It’s Melbourne Writers Festival program launch day!
Having had to keep #ALLTHESECRETS for the last few months (I have had the privilege of being on the Audience Advocate committee this year), I was busting for tonight’s launch so that I could start talking events. The program is a ripper and I can’t tell you how much I love this year’s theme – ‘A matter of life and death’ (that’s Virginia Gay in the pic, launching the Festival).
Second Generation Narratives
My third day at MWF started with an incredibly impressive panel – Randa Abdel-Fattah, Maxine Beneba Clarke, AS Patrić and Alice Pung (chaired by Arnold Zable) – discussing the second-generation Australian experience and how it’s reflected in literature. Continue reading
Two events today – Continue reading
I’m going to events over three days of the ten-day 2017 Melbourne Writers Festival (so there’ll be two more posts like this one). Today, the focus of the sessions I attended were on health.
Sample Saturday is when I wade through the eleventy billion samples I have downloaded on my Kindle. I’m slowly chipping away and deciding whether it’s buy or bye.
This week, all three books are by authors I’ll be seeing at the Melbourne Writers Festival later this month. Continue reading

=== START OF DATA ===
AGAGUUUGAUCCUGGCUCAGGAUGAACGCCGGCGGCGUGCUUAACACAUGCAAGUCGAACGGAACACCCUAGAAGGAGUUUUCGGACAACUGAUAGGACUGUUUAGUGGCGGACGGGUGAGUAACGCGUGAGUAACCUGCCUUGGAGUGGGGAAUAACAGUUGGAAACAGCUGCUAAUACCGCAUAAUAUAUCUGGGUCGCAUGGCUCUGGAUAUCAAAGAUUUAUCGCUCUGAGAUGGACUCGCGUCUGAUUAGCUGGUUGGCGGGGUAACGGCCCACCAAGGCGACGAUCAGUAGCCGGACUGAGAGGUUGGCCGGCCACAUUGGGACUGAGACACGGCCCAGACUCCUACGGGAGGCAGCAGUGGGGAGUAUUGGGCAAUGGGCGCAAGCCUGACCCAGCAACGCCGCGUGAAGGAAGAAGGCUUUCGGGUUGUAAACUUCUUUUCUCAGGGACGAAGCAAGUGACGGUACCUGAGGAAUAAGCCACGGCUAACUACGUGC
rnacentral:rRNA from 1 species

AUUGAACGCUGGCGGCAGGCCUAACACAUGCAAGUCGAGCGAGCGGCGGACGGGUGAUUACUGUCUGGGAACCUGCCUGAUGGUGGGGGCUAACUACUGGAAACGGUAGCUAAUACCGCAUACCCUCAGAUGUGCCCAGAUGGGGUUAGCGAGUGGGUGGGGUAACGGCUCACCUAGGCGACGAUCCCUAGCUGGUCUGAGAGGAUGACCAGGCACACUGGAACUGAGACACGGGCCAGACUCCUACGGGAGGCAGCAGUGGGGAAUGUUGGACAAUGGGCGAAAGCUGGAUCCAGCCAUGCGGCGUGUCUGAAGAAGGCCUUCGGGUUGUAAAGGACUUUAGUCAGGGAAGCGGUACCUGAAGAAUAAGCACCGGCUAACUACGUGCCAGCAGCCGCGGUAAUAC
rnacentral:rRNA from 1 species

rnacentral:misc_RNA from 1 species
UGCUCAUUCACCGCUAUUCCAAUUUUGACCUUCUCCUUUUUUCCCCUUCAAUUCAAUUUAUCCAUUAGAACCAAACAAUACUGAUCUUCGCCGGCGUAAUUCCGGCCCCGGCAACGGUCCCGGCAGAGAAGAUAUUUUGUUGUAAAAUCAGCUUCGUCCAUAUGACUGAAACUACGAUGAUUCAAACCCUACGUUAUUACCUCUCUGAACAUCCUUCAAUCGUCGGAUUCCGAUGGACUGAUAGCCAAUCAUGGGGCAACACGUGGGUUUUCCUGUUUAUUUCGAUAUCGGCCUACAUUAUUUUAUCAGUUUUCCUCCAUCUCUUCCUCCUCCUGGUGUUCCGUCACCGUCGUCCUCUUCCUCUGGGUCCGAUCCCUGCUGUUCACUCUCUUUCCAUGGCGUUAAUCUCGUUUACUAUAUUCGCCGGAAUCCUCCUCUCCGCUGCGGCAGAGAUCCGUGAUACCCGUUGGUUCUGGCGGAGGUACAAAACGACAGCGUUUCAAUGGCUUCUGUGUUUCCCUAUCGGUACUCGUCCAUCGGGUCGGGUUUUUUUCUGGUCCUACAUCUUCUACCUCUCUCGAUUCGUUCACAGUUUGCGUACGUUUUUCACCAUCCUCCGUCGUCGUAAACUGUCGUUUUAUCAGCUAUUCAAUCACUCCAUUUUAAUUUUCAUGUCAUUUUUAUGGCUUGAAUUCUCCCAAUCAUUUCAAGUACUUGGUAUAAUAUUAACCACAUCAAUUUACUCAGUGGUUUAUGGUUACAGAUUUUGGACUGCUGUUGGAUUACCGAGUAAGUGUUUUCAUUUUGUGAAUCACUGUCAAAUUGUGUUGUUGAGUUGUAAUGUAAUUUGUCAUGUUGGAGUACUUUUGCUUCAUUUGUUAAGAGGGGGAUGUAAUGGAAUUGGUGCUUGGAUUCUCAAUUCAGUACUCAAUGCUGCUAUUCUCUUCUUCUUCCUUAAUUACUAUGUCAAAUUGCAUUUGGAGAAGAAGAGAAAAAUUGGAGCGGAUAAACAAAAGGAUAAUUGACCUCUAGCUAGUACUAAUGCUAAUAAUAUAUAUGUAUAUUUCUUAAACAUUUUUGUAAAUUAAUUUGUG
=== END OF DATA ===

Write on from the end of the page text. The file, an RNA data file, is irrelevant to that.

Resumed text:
01. Are we excited about the Man Booker 2017 longlist? I’ve read two (Exit West – didn’t like it much at all; Swing Time – loved some bits, other bits not so much) and have one more in the reading pile (The Underground Railroad). I’m intrigued by 4 3 2 1 and Lincoln in the Bardo. Tell me who you think will win and I’ll endeavour to read those before it’s announced so I can feel smug about being ahead of the curve 🙂 Continue reading
01. The Melbourne Writers Festival 2017 program was launched this week. I’m excited about Heather Rose, Jennifer Down, Christine Kenneally, Tracy Chevalier and Maxine Beneba Clarke. Also: Grenville, Tsiolkas, Laguna, Krien, Joosten. It’s going to be a busy ten days. Continue reading
Last night I had the great pleasure of hearing Hannah Kent introduce her new book, The Good People. Actually, that sounds too grown-up – I was super-excited. I’ve been anticipating this book for years (seriously) and was thrilled to finally get my hands on it.
I’m almost reluctant to write about Lionel Shriver’s closing address on Sunday night at the Melbourne Writers Festival. Reluctant because her speech was dense with insight, sound-bites, and stuff to make you really think hard, and I’d hate to misquote or misrepresent her in any way.
If you haven’t had the opportunity to hear Shriver speak, do next time she visits your neck of the woods. She is, without question, one of the most compelling and powerful authors – no, people – that I’ve ever heard speak. Continue reading